Are you interested in learning more about the fascinating daddy long legs spider (Pholcus phalangioides)? Also known as the long-bodied cellar spider, it is an incredible creature that can be found in many parts of the world. From its habitat and diet to reproduction and lifespan – this article will cover all there is to know about these remarkable spiders. With some helpful observation tips along with interesting facts too, get ready for an educational journey into the life of a daddy long legs spider.


The Pholcus phalangioides, commonly known as the daddy long legs spider, carpenter spider or the cellar spider (due to its preferred habitat), is a species of arachnid that belongs to the family Pholcidae and order Araneae. This species can be found in many parts of Europe, North America and South Africa.

How To Identify a Daddy Long Legs Spider

Cellar spider or daddy longlegs
Cellar spider or daddy longlegs

The daddy long legs spider has an elongated body with eight very long legs, which gives it its common name; however, its bodies are usually no more than 8mm in length.

Their colouration varies from light grey to dark brown, and they have two rows of eyes on each side of their head. They also have a pair of appendages called pedipalps located near their mouthparts which help them sense prey and other objects around them.

Daddy Long Legs Habitat

Daddy long-leg spiders are found in a variety of habitats around the world. They are typically found living indoors where there is plenty of food available for them, such as in kitchens or bathrooms; however, they can also be seen outdoors under rocks or logs during warmer months when there is more insect activity present. They prefer humid environments, so you may find them hiding in damp areas like basements or cellars too, hence their common name, cellar spider.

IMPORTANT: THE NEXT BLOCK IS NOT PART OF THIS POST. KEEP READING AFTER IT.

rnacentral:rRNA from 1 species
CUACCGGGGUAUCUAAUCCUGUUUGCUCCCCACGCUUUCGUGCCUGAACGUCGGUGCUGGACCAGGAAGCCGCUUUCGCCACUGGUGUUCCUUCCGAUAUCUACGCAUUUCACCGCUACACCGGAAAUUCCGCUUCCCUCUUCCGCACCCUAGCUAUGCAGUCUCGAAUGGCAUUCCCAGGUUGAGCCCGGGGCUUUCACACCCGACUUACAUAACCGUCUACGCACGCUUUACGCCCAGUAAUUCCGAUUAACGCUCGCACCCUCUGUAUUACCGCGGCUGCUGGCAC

Diet Of The Daddy Long Legs Spider

The daddy long legs spider’s diet consists mainly of small insects, such as flies and moths, which they capture with their webs. They will also consume smaller arthropods like centipedes and millipedes if available. They have been observed to feed on dead insects, too, when live prey is not present.

Observation Tips

Observing the daddy long legs spider can be a fascinating experience. Here are some tips to help you get started:

Time of Day

The best time to observe these spiders is during the day when they are most active. They tend to hide in dark corners and crevices during the night.


These spiders prefer warm and humid places such as basements, attics, closets or even garages. Look for webs near windowsills or other light sources where they may have built their nests.


Daddy long legs like areas with plenty of food sources such as flies and mosquitoes, which can be found near water sources or damp areas like bathrooms and kitchens. Avoid spraying insecticides around them since this could harm them instead of helping your observation efforts.

Behavior & Habits

Pholcus phalangioides, also known as the long-bodied cellar spider on white wall.
Pholcus phalangioides, also known as the longbodied cellar spider on white wall.

When observing these creatures, it’s important to remember that they’re not aggressive by nature, so don’t be afraid if one crawls on you – just gently brush it away. You’ll often find them hanging upside down from their webs waiting for prey, but sometimes they will wander off looking for food, too, so keep an eye out for movement nearby.


A magnifying glass is a great tool to use when trying to observe these creatures up close without disturbing them too much. It also helps if you have binoculars handy so that you can spot any potential nesting sites from afar before getting closer for better viewing opportunities.

Daddy Long Legs Reproduction and Lifespan

These spiders are unique in their reproduction and lifespan: